Review: BlackBerry Curve
The Curve takes the multimedia applications of the Pearl one step further, but in our opinion that step wasn't quite big enough. If you ignore all the AT&T-branded music applications and tools and focus on the native BlackBerry app, it boils down to one icon labeled "media." This brings you to the main Curve media menu, which has four options: Music, Videos, Ringtones, Pictures. Unlike the rest of the Curve's menus, this one actually has full-color icons from which to choose.
Selecting music takes you into a simple menu that is white lettering on a gray background. This is your basic music menu. It lets you select from the songs, artists, genres, albums, playlists, etc. While you can sample songs and even shuffle, there are no advanced music functions, such as an equalizer. Hitting any of the menu selections takes you into another list of what's available, be it the songs, albums or artists. These lists may be simple, but this is a major advancement over the Pearl, which made you jump through folder after folder after folder to find what you wanted. Once you make your selection, the player interface launches.
The player is no more impressive than the Pearl's. You can play or pause/stop the music with the track ball. If you're interested in skipping forward or backward tracks, you had better know the keypad shortcuts ("P" for previous, "N" for next), because there is no way to do it with the track ball or function controls. As with most media players, a progress bar shows you how much of the song remains, and album art is displayed if it is tagged to the song.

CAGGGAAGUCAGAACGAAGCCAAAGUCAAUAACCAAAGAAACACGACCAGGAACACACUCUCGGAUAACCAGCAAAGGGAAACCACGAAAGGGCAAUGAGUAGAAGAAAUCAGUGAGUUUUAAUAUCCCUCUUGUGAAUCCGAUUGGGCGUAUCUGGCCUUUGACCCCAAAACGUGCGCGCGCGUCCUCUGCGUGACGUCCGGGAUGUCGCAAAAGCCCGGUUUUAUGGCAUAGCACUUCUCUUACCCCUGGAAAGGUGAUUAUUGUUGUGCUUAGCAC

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As we noted earlier in the review, sound quality is good. The one issue is that the media player has serious lag. There is a significant pause between selecting a song or menu and having that selection pop up on the screen. The average pause is about 3 seconds between pressing the key and having the application actually perform the task. This leads to multiple double presses, which sometimes confuses the Curve and causes it to do something you didn't want or intend.
One other foible, the headphone jack is located on the side of the Curve, rather than the top or the bottom. This could create problems if you use it with headphones that have a straight jack, rather than an right-angle jack.
Otherwise, the music player performs ably, but nothing sets it apart from many other media-playing phones. In fact, it is still several generations behind what other phones on the market are capable of.
Hands-on with the Sony Ericsson K850, Nokia 8600 and 6500 Slide, 6500 Classic, LG Muziq, and BlackBerry Curve.
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